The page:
Now I'd like to tackle a different issue with SSL - who's to blame? And by assigning blame I mean, who should the responsible party be to ensure SSL is handled correctly?
As I thought about different scenarios I decided that there are three main culprits.
- The Website
- The Browser
- The User
Websites tend to shoulder most of the blame when something goes wrong with SSL. In many cases it is warranted. Any site that is conducting business should get their certificates right. Mismatched domain names, expired certs, mixed SSL and non-SSL content, or non-SSL landing pages are all common mistakes and are unacceptable. These issues point to a poor management of security. And that's the main take-away in my opinion. If site can't handle these basic SSL issues, which are fully visible to all of their users, then what else is going on behind the scenes? I will issue the challenge I issued in a previous post. If you stopped using a site once you encountered any sort of SSL error message - how many sites would you actually be able to use?
For some reason the browser has hidden away from criticism in the SSL discussion. I believe they are one of the largest contributors to the problem. Imagine if you approached an elevator and there was a sign saying "Elevator cable may snap, would you like to proceed?". That is what the browser is doing with SSL. And the fact that the browser allows users to continue is partly the reason some many sites have SSL issues. Sites would probably address the SSL issues faster if they knew users couldn't reach the site because the browser blocked an insecure connection.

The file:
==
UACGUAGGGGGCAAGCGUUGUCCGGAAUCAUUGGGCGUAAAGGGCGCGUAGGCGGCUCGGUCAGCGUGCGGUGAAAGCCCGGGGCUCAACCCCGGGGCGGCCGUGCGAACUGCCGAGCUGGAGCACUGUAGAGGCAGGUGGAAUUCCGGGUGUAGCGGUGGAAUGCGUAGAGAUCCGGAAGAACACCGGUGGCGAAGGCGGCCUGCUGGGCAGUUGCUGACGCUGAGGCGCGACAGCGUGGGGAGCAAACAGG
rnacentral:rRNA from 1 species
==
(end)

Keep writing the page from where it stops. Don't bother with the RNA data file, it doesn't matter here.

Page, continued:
I expect more from my browser. I'd like my browser to do things securely or not do them. I don't want a semi secure connection. When I connect to a website over HTTPS I want the connection to be rock solid. Don't connect to the site if the cert is bad - no matter what. And don't transfer cookies over HTTP (btw, why is this the site's resposnibility to set the "secure" flag, shouldn't that be the defacto handling by the browser). The list goes on.
The other main concern here, is again, this is only what the browser is telling us. There are plenty of other issues going on behind the scene which we don't know about. Remember the SSL mixed content warning? The browser doesn't say which sites the content is from. Clicking continue to this message could very well result in your cookies going over HTTP - and then its all over.
Lastly, I don't think its realistic to expect the average Internet user to be an expert in SSL, networking and security. I say this because these are the skills which are necessary to effectively evaluate whether or not to click "ok" to the SSL warning messages. In fact, I believe that most every SSL warning message from the browser is expecting an unrealistic amount of knowledge from the user. What good is prompting the user if the question doesn't make any sense? This is why I say the browser should do things securely or not do them at all. If you can't get to your bank's website - then good. It woud be insecure to access it anyway.
The last one to blame in our list is the user. In many cases, no technical controls will stop an uneducated user from doing something stupid. And I agree here. If the user provides their passwords to anyone that asks then their is nothing we can do to stop them. Also, if a user types in "mybank.com" and magically hopes they will end up at the secure site, then they are to blame too. I agree that it would be great if things worked that way, but they don't. You have to actually type https every single time. (see Compromising HTTP to HTTPS redirects)
But if we start to fix the websites and the browsers, then we can create a more realistic level of information which we can expect from our Internet users. But in our current situation, can we really get that upset at the average user? What a mess the websites and browsers have created.